Only after three years the Kesha lawsuit, a new Gottwald protégée emerged. In August 2017, Kim Petras released her first single, “I Don’t Want It at All,” one of many collaborations to come with Gottwald.

One creative director who worked closely with Petras says Gottwald involved himself intimately in her career, “from the music to the visuals to everything. And he’s very specific, he’s very controlling, but also, he has a lot of experience making pop stars. So he does, in some ways, know what he’s doing.” For the first time since the lawsuit, Gottwald was back in full Svengali mode.

Petras faced extensive criticism for her work with Gottwald, but kept collaborating with him. She tweeted (and then deleted) in 2022, “5000000 ppl work with him why y’all only coming at me. I have nothing to say or be ashamed of at all. go away.” Gottwald is all over her new album, Feed the Beast. (A rep for Petras did not respond to a request for comment.)

It was another new artist, signed around 2014, before Kesha’s lawsuit hit, who would truly open the door for Gottwald’s return. Doja Cat’s breakthrough hit, 2019’s “Say So,” was solely produced by Gottwald, under the alias Tyson Trax. The song was so undeniable that it won Gottwald his first Grammy nominations since 2014. In 2021, Doja told Rolling Stone she wouldn’t work with Gottwald again.

Gottwald also helped pave the way for his return to the mainstream by improving his behavior, the exec says. “You [would] just hear that the guy was impossible to work with and went head to head with the heads of the majors.” But, in recent years, he adds, “he’s been a really decent guy.… He’s been lovely. I’m sure that when things happened, he realized he had to kind of ease it back a bit.”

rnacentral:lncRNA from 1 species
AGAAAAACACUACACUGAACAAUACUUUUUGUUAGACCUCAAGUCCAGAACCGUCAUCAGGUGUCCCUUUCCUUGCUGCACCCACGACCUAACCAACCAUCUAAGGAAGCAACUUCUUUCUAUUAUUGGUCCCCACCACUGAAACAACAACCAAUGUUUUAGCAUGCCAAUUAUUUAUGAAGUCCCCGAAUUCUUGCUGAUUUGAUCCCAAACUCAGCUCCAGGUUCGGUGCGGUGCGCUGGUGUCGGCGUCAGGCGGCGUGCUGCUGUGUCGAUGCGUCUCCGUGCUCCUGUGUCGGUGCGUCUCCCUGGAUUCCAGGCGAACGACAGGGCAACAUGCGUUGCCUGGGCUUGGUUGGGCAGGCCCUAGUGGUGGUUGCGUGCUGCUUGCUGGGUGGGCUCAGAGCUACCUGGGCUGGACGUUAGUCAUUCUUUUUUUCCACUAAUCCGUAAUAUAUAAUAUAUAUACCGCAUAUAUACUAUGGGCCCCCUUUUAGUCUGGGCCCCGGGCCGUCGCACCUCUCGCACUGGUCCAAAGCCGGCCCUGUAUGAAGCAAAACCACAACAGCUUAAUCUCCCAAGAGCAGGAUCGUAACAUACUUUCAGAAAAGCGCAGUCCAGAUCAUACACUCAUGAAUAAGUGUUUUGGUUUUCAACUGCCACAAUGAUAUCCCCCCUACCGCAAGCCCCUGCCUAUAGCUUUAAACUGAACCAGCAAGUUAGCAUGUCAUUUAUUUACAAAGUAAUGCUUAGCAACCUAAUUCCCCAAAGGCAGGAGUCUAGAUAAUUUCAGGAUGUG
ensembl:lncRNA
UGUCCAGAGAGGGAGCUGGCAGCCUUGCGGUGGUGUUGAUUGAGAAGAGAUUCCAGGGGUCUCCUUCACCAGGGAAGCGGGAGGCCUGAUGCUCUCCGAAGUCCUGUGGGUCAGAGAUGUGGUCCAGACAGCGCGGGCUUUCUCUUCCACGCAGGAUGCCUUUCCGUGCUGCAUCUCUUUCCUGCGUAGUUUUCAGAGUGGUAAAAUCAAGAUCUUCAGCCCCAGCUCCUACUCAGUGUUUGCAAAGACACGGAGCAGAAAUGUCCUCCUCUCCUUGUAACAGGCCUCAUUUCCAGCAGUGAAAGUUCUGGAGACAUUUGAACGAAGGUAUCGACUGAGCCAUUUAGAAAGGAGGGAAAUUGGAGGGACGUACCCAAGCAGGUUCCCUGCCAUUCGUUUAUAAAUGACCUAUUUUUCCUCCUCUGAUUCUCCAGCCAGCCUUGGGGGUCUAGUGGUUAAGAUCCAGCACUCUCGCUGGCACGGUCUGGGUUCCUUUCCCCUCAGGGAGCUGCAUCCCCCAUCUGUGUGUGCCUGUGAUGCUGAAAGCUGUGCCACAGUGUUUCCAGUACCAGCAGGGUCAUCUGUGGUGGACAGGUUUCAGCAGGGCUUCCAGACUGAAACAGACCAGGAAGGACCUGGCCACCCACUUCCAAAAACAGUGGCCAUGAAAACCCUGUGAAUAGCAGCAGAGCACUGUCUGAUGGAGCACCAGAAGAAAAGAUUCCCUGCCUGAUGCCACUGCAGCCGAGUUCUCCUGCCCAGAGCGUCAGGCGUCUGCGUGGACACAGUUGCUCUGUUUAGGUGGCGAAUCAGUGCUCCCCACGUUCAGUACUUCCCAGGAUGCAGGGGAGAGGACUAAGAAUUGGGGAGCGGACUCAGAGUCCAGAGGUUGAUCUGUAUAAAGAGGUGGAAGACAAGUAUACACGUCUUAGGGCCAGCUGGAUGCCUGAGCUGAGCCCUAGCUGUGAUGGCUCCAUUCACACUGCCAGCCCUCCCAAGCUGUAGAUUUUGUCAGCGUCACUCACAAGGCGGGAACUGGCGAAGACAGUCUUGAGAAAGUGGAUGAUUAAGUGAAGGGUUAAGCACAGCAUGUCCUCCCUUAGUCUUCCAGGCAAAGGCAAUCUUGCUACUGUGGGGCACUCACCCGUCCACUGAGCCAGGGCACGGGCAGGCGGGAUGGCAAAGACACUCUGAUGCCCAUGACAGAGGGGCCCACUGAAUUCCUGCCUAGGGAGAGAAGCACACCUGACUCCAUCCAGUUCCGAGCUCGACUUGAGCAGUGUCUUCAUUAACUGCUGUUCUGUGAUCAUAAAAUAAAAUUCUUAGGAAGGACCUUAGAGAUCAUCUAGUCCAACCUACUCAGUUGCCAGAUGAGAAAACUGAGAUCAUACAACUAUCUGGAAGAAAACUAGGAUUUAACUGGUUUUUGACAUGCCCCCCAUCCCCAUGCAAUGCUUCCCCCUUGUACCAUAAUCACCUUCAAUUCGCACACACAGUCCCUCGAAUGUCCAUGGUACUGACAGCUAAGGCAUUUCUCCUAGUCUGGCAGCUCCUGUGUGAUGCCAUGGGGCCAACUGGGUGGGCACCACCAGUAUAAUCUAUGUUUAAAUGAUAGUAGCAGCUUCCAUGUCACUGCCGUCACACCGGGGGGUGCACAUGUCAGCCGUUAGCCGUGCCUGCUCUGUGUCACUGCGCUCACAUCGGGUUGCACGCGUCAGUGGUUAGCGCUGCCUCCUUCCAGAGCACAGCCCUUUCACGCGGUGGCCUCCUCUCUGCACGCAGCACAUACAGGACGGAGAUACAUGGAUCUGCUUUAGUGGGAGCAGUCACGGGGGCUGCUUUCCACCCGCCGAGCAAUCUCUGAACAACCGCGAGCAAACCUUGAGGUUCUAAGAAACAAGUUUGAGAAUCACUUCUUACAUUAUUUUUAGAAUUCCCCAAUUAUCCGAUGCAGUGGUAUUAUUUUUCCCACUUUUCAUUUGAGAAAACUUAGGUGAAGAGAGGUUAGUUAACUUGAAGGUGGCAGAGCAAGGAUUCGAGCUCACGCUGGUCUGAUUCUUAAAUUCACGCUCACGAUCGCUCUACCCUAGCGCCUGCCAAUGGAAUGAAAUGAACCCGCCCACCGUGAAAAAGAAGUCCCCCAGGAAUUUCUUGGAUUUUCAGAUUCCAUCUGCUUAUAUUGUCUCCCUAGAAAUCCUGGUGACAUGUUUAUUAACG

In the world of Prescription, too, Gottwald stays in the background, and lets a crew of personable executives — almost all women — run the company. “They’re mostly great people to work with, to be honest,” the songwriter says. “They act as a buffer between Luke and the company.”

One artist manager says Gottwald’s track record of success was enough for some artists to overlook any qualms, even before the settlement. “It’s almost like a neighborhood restaurant that is a little bit too expensive, and the service is bad, but some people are still gonna go there,” he says. “It’s the way I see Luke. Not to take away from all the awful stuff that he’s done, but people are gonna go to their favorite restaurant, even if they had a Trump sticker in the window.”

It’s too early to say whether the settlement of the lawsuit will remove some or all of the stigma of working with Gottwald.

“I would bet you that some people will still not be comfortable working with him,” says the successful songwriter. “And I think that there are some people that are fine with it.”

The real test of Gottwald’s return will be when a truly A-list pop star openly works with him again. His onetime collaborator Katy Perry, for instance, is due for a new album. But no matter what, it’s hard to imagine anything or anyone getting Gottwald to stop — at least before he decides it’s time. “I really like doing the work,” he said in 2011. “And when I don’t like doing it anymore, I won’t do it.”

Additional reporting by Ezra Marcus, Cheyenne Roundtree, and Gavin Edwards.

From Rolling Stone US.